Peoples Union for Civil Liberties v Union of India: Is Indian democracy dependent on a statute?

Publication Type

Journal Article

Publication Date



At the very heart of every political democracy is the right of citizens to participate in its democratic processes. The right to vote is the bedrock of a democratic polity and the essence of representative governance. No right is more precious than the right to have a voice in the election of those who make laws that govern us. All other rights, even the most basic, are illusory without a meaningful right to vote. While democracy is not synonymous with the right to vote, it is undeniable that there is little left of it when the right to vote itself is taken away. For “at the bottom of all tributes”, to borrow the matchless words of Sir Winston Churchill, “is the little man, walking into a little booth, with a little pencil, making a little cross on a little bit of paper--no amount of rhetoric or voluminous discussion can possibly diminish the overwhelming importance of the point”. This note is an analysis of the status of the right to vote under the Indian Constitution. The debate on the status of right to vote in India was presented with a novel dimension in the opinion of the Judge P.V. Reddi who in the recent case of Peoples Union for Civil Liberties v Union of India observed that the right to vote has its roots in the Indian Constitution and, therefore, is a constitutional right. Strange as it may seem to readers from other constitutional jurisdictions, this was the first occasion that such a judicial opinion has been expressed. For nearly five decades, the Indian Supreme Court had consistently held the view that the right to vote in India was a statutory right “pure and simple”.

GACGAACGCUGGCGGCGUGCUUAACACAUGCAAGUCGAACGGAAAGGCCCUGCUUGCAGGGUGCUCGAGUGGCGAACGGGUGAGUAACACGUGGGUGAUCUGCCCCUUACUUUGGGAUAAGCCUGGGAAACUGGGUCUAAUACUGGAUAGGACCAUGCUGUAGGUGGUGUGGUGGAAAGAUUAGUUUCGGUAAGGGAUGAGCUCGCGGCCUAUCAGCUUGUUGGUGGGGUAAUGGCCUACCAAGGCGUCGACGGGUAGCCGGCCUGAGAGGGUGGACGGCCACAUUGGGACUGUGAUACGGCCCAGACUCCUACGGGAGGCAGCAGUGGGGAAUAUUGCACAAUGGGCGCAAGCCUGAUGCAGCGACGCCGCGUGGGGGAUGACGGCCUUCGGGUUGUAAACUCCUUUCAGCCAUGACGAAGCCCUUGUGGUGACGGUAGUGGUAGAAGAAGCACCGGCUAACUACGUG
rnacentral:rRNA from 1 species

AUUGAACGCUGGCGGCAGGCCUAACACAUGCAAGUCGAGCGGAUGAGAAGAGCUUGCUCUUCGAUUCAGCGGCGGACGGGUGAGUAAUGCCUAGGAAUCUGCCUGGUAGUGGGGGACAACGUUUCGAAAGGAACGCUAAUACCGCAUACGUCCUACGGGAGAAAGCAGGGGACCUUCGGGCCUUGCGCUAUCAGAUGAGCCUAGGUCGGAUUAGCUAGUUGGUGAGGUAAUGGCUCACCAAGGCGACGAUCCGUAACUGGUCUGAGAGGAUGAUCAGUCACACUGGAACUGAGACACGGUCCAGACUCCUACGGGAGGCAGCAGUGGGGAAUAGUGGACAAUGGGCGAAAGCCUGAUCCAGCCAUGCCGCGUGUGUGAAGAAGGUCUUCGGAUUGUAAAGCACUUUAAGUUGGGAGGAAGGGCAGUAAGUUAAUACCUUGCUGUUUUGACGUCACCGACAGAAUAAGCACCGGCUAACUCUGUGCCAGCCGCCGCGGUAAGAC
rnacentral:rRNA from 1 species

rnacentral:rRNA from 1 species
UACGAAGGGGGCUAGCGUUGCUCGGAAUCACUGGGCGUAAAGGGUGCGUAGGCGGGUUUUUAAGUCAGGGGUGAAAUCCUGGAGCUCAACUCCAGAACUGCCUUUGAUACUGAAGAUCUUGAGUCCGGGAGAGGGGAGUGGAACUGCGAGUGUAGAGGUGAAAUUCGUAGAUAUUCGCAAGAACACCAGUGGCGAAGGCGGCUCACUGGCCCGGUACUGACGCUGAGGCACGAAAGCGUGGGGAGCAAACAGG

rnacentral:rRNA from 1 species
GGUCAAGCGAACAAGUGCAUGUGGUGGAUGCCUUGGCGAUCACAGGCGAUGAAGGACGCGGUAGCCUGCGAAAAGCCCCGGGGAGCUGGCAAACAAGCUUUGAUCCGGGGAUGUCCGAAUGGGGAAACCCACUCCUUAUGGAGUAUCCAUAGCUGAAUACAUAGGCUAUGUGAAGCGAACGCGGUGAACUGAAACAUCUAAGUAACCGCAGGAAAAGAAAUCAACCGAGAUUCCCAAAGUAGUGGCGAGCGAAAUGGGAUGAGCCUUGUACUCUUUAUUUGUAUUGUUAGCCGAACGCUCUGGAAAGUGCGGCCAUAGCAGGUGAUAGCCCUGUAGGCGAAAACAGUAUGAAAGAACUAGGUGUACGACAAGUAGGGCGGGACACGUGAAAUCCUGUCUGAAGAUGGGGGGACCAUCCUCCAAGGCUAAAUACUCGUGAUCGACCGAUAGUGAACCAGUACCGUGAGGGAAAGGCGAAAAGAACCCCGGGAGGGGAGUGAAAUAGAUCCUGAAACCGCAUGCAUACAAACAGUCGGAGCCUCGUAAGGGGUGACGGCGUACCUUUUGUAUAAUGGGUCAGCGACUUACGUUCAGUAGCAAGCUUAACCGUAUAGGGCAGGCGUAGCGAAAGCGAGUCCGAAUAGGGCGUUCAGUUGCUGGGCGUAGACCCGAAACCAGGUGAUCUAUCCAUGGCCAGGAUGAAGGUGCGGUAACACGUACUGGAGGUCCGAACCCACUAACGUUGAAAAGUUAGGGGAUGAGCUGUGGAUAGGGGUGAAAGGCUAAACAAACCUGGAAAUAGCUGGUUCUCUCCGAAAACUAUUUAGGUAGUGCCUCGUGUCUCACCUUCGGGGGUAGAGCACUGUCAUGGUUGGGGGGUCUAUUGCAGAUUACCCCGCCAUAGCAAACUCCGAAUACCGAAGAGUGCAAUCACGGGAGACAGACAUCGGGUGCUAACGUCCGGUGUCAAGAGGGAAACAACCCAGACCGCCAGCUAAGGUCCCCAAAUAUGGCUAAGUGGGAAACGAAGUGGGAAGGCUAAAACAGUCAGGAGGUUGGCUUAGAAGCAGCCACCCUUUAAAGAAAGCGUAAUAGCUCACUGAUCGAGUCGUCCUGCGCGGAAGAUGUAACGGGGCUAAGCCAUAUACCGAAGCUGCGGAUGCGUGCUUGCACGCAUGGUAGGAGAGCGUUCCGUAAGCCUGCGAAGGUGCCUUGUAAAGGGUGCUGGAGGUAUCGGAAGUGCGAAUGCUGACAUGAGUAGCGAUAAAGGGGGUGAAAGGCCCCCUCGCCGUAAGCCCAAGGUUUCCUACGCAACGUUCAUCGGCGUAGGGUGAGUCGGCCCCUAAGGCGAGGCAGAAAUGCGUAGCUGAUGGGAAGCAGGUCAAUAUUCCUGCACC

Constitutional rights, Democracy, India, Right to vote


Asian Studies | Public Law and Legal Theory

Research Areas

Law, Society and Governance


Public Law

First Page


Last Page





Sweet and Maxwell

This document is currently not available here.